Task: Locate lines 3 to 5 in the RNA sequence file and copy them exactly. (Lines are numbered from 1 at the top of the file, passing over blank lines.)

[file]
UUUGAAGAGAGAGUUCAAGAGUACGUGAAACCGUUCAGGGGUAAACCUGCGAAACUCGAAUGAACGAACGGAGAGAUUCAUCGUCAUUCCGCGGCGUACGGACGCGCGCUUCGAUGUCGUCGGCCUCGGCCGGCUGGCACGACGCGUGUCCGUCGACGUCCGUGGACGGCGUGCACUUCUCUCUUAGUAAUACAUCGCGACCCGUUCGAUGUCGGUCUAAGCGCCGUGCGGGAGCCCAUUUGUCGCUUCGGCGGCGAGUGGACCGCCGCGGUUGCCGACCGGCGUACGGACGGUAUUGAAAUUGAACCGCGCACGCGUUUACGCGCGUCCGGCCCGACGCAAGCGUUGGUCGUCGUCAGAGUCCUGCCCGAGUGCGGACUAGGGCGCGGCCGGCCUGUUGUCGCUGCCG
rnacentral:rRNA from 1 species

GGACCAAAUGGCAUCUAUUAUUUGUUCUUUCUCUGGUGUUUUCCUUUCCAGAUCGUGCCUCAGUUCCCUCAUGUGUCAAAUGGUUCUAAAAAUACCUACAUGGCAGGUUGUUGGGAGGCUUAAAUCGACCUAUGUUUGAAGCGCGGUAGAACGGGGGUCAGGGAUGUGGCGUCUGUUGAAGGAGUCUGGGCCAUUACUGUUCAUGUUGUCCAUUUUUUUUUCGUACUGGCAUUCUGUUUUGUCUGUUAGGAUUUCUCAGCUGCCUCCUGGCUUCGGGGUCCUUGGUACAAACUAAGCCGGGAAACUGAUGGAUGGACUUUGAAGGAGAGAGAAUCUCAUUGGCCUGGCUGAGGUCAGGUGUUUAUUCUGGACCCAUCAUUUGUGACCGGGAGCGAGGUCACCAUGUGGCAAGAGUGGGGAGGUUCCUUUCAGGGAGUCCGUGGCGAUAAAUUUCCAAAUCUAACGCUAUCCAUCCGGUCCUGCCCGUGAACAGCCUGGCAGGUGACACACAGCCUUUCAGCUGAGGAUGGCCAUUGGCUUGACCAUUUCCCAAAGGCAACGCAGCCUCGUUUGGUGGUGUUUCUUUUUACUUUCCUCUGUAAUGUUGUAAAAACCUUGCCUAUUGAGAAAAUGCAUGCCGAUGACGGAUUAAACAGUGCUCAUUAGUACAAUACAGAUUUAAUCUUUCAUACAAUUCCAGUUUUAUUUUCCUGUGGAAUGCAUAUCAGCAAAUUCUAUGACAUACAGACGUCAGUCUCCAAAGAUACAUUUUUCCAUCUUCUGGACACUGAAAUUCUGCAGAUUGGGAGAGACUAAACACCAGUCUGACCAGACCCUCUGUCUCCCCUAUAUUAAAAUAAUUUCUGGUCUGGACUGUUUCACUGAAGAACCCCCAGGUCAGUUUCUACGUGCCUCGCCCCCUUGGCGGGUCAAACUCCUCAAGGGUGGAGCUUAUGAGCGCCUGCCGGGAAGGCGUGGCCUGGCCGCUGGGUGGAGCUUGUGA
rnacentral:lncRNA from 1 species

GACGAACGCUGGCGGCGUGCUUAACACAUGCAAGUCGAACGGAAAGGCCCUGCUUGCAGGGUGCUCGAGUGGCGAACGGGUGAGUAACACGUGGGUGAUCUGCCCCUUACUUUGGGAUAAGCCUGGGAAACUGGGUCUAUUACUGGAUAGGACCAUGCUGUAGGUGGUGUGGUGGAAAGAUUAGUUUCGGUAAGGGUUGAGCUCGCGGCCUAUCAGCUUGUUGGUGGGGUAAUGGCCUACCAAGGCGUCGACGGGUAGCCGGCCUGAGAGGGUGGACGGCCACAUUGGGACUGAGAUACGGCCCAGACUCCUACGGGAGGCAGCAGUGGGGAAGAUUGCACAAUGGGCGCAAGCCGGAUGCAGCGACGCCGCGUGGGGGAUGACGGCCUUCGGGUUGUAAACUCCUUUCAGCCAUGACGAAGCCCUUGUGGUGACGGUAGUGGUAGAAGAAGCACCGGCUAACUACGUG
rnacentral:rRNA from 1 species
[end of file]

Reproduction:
GGACCAAAUGGCAUCUAUUAUUUGUUCUUUCUCUGGUGUUUUCCUUUCCAGAUCGUGCCUCAGUUCCCUCAUGUGUCAAAUGGUUCUAAAAAUACCUACAUGGCAGGUUGUUGGGAGGCUUAAAUCGACCUAUGUUUGAAGCGCGGUAGAACGGGGGUCAGGGAUGUGGCGUCUGUUGAAGGAGUCUGGGCCAUUACUGUUCAUGUUGUCCAUUUUUUUUUCGUACUGGCAUUCUGUUUUGUCUGUUAGGAUUUCUCAGCUGCCUCCUGGCUUCGGGGUCCUUGGUACAAACUAAGCCGGGAAACUGAUGGAUGGACUUUGAAGGAGAGAGAAUCUCAUUGGCCUGGCUGAGGUCAGGUGUUUAUUCUGGACCCAUCAUUUGUGACCGGGAGCGAGGUCACCAUGUGGCAAGAGUGGGGAGGUUCCUUUCAGGGAGUCCGUGGCGAUAAAUUUCCAAAUCUAACGCUAUCCAUCCGGUCCUGCCCGUGAACAGCCUGGCAGGUGACACACAGCCUUUCAGCUGAGGAUGGCCAUUGGCUUGACCAUUUCCCAAAGGCAACGCAGCCUCGUUUGGUGGUGUUUCUUUUUACUUUCCUCUGUAAUGUUGUAAAAACCUUGCCUAUUGAGAAAAUGCAUGCCGAUGACGGAUUAAACAGUGCUCAUUAGUACAAUACAGAUUUAAUCUUUCAUACAAUUCCAGUUUUAUUUUCCUGUGGAAUGCAUAUCAGCAAAUUCUAUGACAUACAGACGUCAGUCUCCAAAGAUACAUUUUUCCAUCUUCUGGACACUGAAAUUCUGCAGAUUGGGAGAGACUAAACACCAGUCUGACCAGACCCUCUGUCUCCCCUAUAUUAAAAUAAUUUCUGGUCUGGACUGUUUCACUGAAGAACCCCCAGGUCAGUUUCUACGUGCCUCGCCCCCUUGGCGGGUCAAACUCCUCAAGGGUGGAGCUUAUGAGCGCCUGCCGGGAAGGCGUGGCCUGGCCGCUGGGUGGAGCUUGUGA
rnacentral:lncRNA from 1 species

GACGAACGCUGGCGGCGUGCUUAACACAUGCAAGUCGAACGGAAAGGCCCUGCUUGCAGGGUGCUCGAGUGGCGAACGGGUGAGUAACACGUGGGUGAUCUGCCCCUUACUUUGGGAUAAGCCUGGGAAACUGGGUCUAUUACUGGAUAGGACCAUGCUGUAGGUGGUGUGGUGGAAAGAUUAGUUUCGGUAAGGGUUGAGCUCGCGGCCUAUCAGCUUGUUGGUGGGGUAAUGGCCUACCAAGGCGUCGACGGGUAGCCGGCCUGAGAGGGUGGACGGCCACAUUGGGACUGAGAUACGGCCCAGACUCCUACGGGAGGCAGCAGUGGGGAAGAUUGCACAAUGGGCGCAAGCCGGAUGCAGCGACGCCGCGUGGGGGAUGACGGCCUUCGGGUUGUAAACUCCUUUCAGCCAUGACGAAGCCCUUGUGGUGACGGUAGUGGUAGAAGAAGCACCGGCUAACUACGUG